Monday, January 10, 2011

A New Mayor, Another TTC Fare Hike: How Predictable

Dear Mayor Rob Ford,

First: Congratulations on your win! Now down to business: Although I have schooled myself to have low expectations when it comes to political promises, I was hoping that you being so far outside the political in-crowd would see things differently enough to replace same-old-same-old band-aids with unique solutions.

Working on the budget now is good. Promising before you even began no property tax increases – when municipalities and regions all around us have 5+% tax increases, way higher than ours ever are – was fiscally imprudent. Falling in line with TTC staff recommendations without even a thought between their saying jump and you jumping is economically imprudent. Saying like your predecessor David Miller that you don’t want to do it sounds as false as when he said it. Yes, the TTC funding seems to be an intractable problem – ever since former Ontario Premier Mike Harris cancelled reliable, practical funding of both operating and capital expenses and combined with unsustainable salary hikes, the TTC has been in freefall. Sure the TTC has put more buses on the roads recently, but given today’s announcement that routes with low numbers at nights or holidays will be axed at those hours, shows that it was an unsustainable feel-good move.

As long as Toronto and fares are expected to be the primary funding, the TTC will never return to its former glory, will never meet commuter needs.

How important is federal and provincial funding? Even that “rabid” right-winger former US President George W. Bush funded subway building in cities throughout USA, and both states and the American federal government fund public transit systems even in places like Detroit where they have to fund most of it. Meanwhile, in Canada other provinces understand the importance of transit funding and capital expansion of subways. I applaud your talk of subways. Subways are the best way to get people out of cars and to get them to work quickly. But we have lost 30 years – yes, three friggin’ decades – in subway building. That means you need to get it through the thick, parochial skulls of our Ontario and federal politicians that they have to step up to the plate and in a very big way, for the longer you put off paying the piper, the bigger the payment will be in the end.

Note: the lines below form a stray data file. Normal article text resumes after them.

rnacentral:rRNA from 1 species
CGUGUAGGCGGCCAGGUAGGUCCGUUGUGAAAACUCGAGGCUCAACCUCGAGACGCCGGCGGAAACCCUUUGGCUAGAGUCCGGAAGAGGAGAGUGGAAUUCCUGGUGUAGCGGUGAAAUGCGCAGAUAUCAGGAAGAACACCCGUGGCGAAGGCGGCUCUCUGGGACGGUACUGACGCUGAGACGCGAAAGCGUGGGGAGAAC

(That is also why I think zero property tax increase is imprudent. We will end up paying too much in 2012, instead of spacing it out affordably.)

I wrote about this funding disparity between Toronto and everywhere else 4 years ago. The numbers may be out of date, but the principle is the same: Unless you get the Harper government and the McGuinty government to chip in mega dollars to make up for decades of neglect, you will never restore the TTC to its former glory, never mind meet the needs of Toronto’s population.

And unless you get the TTC to meet commuter needs, then commute times will continue to grow beyond already current unacceptable levels, and our economy will continue to suffer.

The middle class will continue to leave.

The poor will rob their food and housing budget to pay to get to work.

Our green reputation will be seen for what it is: hot air.

Previous mayors used bombast or sucking up to try to get Ontario’s Premier and Canada’s Prime Minister to take funding TTC operating and capital costs seriously. They failed. Now here you are, like those before, expecting the fare box to meet their shortfall, expecting the band-aid to cover up the amputation. It ain’t going to work. We’ve passed the downward tipping point.

You, Mayor Rob Ford, need to do a Danny Williams. It’s all very well to get tough with managers, but unless you get tough with our Premier and Prime Minister, we will never – never, ever, ever, ever – get a TTC that meets Toronto’s and Canada’s needs. For, let’s face it, we affect Canada’s economy. Whither we go, they go. It’s time they got that.

High fares, piss poor service, pigsty stations, more grunting drivers than drivers who like the public, no Downtown Relief Line, no Eglinton subway/LRT, a mayor who cannot get this urgent message to upper levels of government equals long commute times, fares too expensive for low-income earners, and a city that doesn’t work, that will continue to shed the productive, wealth-producing middle class.

Sincerely,

Shireen,

a Fed-Up Torontonian and almost-former TTC user

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